Listening is important – not least because it shows people that you care. Watching / listening to the very interesting slidecast embedded below, that I came across via a Twitter update by Alex Osterwalder, I learned about these 10 tips to become a great listener:
1. Learn to say “not right now”
When you’re busy, tired, or distracted, and don’t have the energy to listen fully, say to the person, who wants to talks to you, that you’ll get back to him/her when you can give him/her your full attention.
2. Eliminate distractions
For example, turn off your mobile phone when you’re having a conversation with another person face-to-face or using another communication tool.
3. Be present in the moment
4. Take notes
It’s a good idea to ask for permission to take notes from the person, you’re listening to.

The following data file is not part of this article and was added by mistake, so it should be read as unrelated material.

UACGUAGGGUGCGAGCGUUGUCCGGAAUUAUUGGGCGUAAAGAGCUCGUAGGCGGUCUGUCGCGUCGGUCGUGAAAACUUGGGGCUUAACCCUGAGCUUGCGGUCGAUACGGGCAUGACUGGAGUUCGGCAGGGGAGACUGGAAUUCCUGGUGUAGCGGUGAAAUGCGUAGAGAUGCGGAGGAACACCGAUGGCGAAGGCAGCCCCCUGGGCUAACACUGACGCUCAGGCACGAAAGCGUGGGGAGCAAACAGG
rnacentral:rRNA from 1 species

5. Ask questions
In this regard, ask clarifying questions to better understand what the person has said. Example: “Have I understood you correctly that…” A clarifying question gives the speaker the opportunity to elaborate on what he/she has just said.
Also, try asking open questions such as “What…?” or “How…?”
6. Look for non-verbal cues
As the importance of not least body-language but also tone is crucial for communication, keep an eye out for what the body of the person, you’re listening to, is saying.
7. Stop talking
To be a good listener, try to discipline yourself to stop talking. Make sure, for example, that you don’t interrupt the person who is speaking.
8. Resist the urge to give advice
Try working on avoiding offering solutions for the person who is speaking, i.e. try to fix the problem the speaker is facing. Instead, ask, for example, “What…?” questions to invite the person to come up with his/her own thoughts, ideas, actions.
9. Reserve judgments. Start fresh
Not least because people change, it’s a good idea to treat all conversations like they were the first. In other words, each time you talk to a person, listen to him/her like it was the first time you listed to that person. That way you’ll put away your preconceptions, which may be wrong.
For example, ask for feedback from people, you´re listening to, to find out to what degree they think you’re listening well.